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News & Trends - MedTech & Diagnostics

Paradigm shift in genomics: Technology and investment

Health Industry Hub | March 22, 2024 |

MedTech & Diagnostics News: The vision of a portable device capable of sequencing a patient’s entire genome at the bedside, delivering a diagnosis within an hour is becoming a reality.

Professor Zornitza Stark, clinical geneticist and researcher at the Murdoch Children’s Research Institute in Melbourne, reflected on a pivotal patient case from a decade ago, where it took six months to obtain sequencing results and reach a diagnosis. Today, such a process could be expedited to a matter of days, or even hours, altering the trajectory of a child’s life through timely diagnosis and treatment.

She highlighted the multifaceted challenges accompanying this paradigm shift, stating, “It’s all very well to speed up the test to be done in under 10 hours, but if it takes 3 weeks for that child to even access the test, you’re not really going to get the full benefit.”

Overcoming obstacles such as workforce capacity, education, health system costs and infrastructure, and ensuring equality of access and data interpretation consistency, remain critical.

Nearly a decade ago, Professor Stark and her team at Australian Genomics and the Victorian Clinical Genetics Services embarked on a mission to establish a national rapid sequencing network in Australia. Their efforts have garnered recognition and support, with rapid genomic testing in critically ill newborns and children now endorsed as standard of care by the Human Genetics Society of Australasia and funded by state governments in Victoria and Western Australia.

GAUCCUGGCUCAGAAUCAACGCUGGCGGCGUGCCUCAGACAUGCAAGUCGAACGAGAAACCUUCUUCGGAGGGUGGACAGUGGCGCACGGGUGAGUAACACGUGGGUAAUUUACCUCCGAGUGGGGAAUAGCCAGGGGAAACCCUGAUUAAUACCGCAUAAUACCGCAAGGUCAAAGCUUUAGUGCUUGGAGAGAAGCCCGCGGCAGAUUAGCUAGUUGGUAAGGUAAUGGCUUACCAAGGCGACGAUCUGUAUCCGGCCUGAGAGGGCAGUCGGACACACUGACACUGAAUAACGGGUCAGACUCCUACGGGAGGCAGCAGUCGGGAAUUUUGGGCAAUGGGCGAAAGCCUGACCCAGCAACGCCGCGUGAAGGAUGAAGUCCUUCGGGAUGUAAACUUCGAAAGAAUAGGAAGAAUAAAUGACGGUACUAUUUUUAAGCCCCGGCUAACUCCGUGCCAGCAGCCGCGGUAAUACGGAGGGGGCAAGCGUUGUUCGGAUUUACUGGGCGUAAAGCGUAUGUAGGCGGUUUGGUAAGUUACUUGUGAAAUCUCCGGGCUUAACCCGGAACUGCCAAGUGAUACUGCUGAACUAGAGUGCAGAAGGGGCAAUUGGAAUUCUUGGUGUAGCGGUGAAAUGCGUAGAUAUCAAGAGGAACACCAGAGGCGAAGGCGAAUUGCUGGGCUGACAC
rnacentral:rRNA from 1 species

While Illumina continues to dominate clinical-sequencing programs globally, emerging platforms pose viable alternatives, potentially democratising rapid sequencing.

Stephen Kingsmore, a pioneer in rapid-sequencing at the Rady Children’s Institute for Genomic Medicine in San Diego, California expressed enthusiasm for the AVITI instrument from Element Biosciences, heralding its potential with per-base accuracy rivalling or surpassing that of Illumina, at a fraction of the investment.

“You buy three instruments and the instruments are relatively inexpensive, about $250,000 each – and you’ll get $200 genomes,” he said. By comparison, sequencing a full genome cost roughly $10,000 just a decade ago. “That is going to be quite transformative.”

Furthermore, scientists are exploring sequencing-based ‘liquid biopsies,’ leveraging technologies like RNA sequencing to expedite cancer detection, monitoring, and treatment assessment.

A team led by computational biologist Martin Smith at the University of New South Wales in Sydney, has shown that RNA sequencing with the MinION could shorten the time for leukaemia profiling of blood samples from days to minutes.

“Five minutes was enough for most of the samples to get above 90% classification – that’s only 30,000 reads,” said Mr Smith. “The algorithm could distinguish 11 subtypes of acute lymphoblastic leukaemia on a standard laptop, and Smith says that a similar approach could be applied to other time-critical conditions, including sepsis, infections and autoimmune-disease flare-ups.”

However, technological innovation is only part of the equation in clinical diagnostics. Dr Ahmad Abou Tayoun at the Al Jalila Children’s Specialty Hospital in Dubai, United Arab Emirates, underscored the necessity of integrating these advancements into clinical practice seamlessly.

“The bottleneck is really to get the doctors to be familiar with the fact that it’s available and when to order it. And of course, making sure that when they get the results, they can act on them,” he explained.

“We need something we can do on millions of samples per year for less than $1,000, and maybe less than $500,” stated Stephen Kingsmore, a rapid-sequencing pioneer at the Rady Children’s Institute for Genomic Medicine in San Diego, California. “We have to think about automation on a completely different scale.”

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